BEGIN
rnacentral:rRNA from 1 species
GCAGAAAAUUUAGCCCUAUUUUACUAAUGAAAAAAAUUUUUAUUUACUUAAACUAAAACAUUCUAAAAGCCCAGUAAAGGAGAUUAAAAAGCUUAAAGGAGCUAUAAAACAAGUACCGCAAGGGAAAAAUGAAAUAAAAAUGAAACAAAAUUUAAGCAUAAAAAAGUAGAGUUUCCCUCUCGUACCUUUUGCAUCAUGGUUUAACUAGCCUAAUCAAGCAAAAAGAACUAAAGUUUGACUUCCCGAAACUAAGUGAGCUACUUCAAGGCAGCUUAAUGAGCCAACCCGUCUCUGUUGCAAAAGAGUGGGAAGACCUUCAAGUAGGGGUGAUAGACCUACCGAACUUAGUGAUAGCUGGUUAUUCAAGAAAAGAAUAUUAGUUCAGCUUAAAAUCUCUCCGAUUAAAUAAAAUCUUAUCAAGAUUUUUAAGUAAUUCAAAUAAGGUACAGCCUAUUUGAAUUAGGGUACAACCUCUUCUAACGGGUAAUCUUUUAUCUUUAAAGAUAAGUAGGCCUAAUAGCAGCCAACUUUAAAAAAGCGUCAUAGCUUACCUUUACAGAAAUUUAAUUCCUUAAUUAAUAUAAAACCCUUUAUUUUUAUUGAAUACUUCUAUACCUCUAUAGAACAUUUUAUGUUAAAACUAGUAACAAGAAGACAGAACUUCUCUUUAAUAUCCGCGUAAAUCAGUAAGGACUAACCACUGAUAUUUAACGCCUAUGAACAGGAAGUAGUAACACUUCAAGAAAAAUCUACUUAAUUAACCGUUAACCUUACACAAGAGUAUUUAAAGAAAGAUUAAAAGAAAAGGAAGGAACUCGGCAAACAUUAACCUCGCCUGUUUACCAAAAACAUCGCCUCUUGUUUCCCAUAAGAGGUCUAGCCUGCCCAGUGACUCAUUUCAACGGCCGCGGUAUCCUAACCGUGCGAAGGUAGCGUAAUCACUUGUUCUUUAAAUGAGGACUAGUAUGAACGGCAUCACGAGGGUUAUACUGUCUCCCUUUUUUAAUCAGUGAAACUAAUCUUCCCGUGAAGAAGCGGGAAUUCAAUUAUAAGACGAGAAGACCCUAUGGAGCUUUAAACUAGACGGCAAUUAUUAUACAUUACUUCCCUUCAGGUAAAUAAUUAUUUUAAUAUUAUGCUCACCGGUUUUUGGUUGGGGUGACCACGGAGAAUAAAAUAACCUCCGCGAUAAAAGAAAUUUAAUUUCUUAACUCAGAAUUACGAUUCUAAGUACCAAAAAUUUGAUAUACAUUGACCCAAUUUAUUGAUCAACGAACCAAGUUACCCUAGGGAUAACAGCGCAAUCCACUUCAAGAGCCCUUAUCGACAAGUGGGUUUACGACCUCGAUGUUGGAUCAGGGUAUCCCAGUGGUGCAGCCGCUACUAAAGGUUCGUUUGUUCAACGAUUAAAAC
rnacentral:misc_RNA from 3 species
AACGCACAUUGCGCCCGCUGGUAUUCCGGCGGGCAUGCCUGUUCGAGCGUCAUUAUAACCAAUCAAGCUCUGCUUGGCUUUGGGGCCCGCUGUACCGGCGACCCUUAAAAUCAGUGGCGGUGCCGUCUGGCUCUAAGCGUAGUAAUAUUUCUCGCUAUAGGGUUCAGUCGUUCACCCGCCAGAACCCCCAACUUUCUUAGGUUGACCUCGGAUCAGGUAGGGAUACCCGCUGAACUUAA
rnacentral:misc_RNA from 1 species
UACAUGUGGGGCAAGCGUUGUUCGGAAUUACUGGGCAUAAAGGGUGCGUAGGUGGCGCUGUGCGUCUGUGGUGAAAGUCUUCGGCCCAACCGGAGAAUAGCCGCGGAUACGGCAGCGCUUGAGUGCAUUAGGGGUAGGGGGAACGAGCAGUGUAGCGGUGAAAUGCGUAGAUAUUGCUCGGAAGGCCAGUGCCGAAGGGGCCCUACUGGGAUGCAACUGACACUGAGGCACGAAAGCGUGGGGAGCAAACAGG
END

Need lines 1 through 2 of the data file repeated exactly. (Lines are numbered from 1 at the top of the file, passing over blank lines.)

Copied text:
rnacentral:rRNA from 1 species
GCAGAAAAUUUAGCCCUAUUUUACUAAUGAAAAAAAUUUUUAUUUACUUAAACUAAAACAUUCUAAAAGCCCAGUAAAGGAGAUUAAAAAGCUUAAAGGAGCUAUAAAACAAGUACCGCAAGGGAAAAAUGAAAUAAAAAUGAAACAAAAUUUAAGCAUAAAAAAGUAGAGUUUCCCUCUCGUACCUUUUGCAUCAUGGUUUAACUAGCCUAAUCAAGCAAAAAGAACUAAAGUUUGACUUCCCGAAACUAAGUGAGCUACUUCAAGGCAGCUUAAUGAGCCAACCCGUCUCUGUUGCAAAAGAGUGGGAAGACCUUCAAGUAGGGGUGAUAGACCUACCGAACUUAGUGAUAGCUGGUUAUUCAAGAAAAGAAUAUUAGUUCAGCUUAAAAUCUCUCCGAUUAAAUAAAAUCUUAUCAAGAUUUUUAAGUAAUUCAAAUAAGGUACAGCCUAUUUGAAUUAGGGUACAACCUCUUCUAACGGGUAAUCUUUUAUCUUUAAAGAUAAGUAGGCCUAAUAGCAGCCAACUUUAAAAAAGCGUCAUAGCUUACCUUUACAGAAAUUUAAUUCCUUAAUUAAUAUAAAACCCUUUAUUUUUAUUGAAUACUUCUAUACCUCUAUAGAACAUUUUAUGUUAAAACUAGUAACAAGAAGACAGAACUUCUCUUUAAUAUCCGCGUAAAUCAGUAAGGACUAACCACUGAUAUUUAACGCCUAUGAACAGGAAGUAGUAACACUUCAAGAAAAAUCUACUUAAUUAACCGUUAACCUUACACAAGAGUAUUUAAAGAAAGAUUAAAAGAAAAGGAAGGAACUCGGCAAACAUUAACCUCGCCUGUUUACCAAAAACAUCGCCUCUUGUUUCCCAUAAGAGGUCUAGCCUGCCCAGUGACUCAUUUCAACGGCCGCGGUAUCCUAACCGUGCGAAGGUAGCGUAAUCACUUGUUCUUUAAAUGAGGACUAGUAUGAACGGCAUCACGAGGGUUAUACUGUCUCCCUUUUUUAAUCAGUGAAACUAAUCUUCCCGUGAAGAAGCGGGAAUUCAAUUAUAAGACGAGAAGACCCUAUGGAGCUUUAAACUAGACGGCAAUUAUUAUACAUUACUUCCCUUCAGGUAAAUAAUUAUUUUAAUAUUAUGCUCACCGGUUUUUGGUUGGGGUGACCACGGAGAAUAAAAUAACCUCCGCGAUAAAAGAAAUUUAAUUUCUUAACUCAGAAUUACGAUUCUAAGUACCAAAAAUUUGAUAUACAUUGACCCAAUUUAUUGAUCAACGAACCAAGUUACCCUAGGGAUAACAGCGCAAUCCACUUCAAGAGCCCUUAUCGACAAGUGGGUUUACGACCUCGAUGUUGGAUCAGGGUAUCCCAGUGGUGCAGCCGCUACUAAAGGUUCGUUUGUUCAACGAUUAAAAC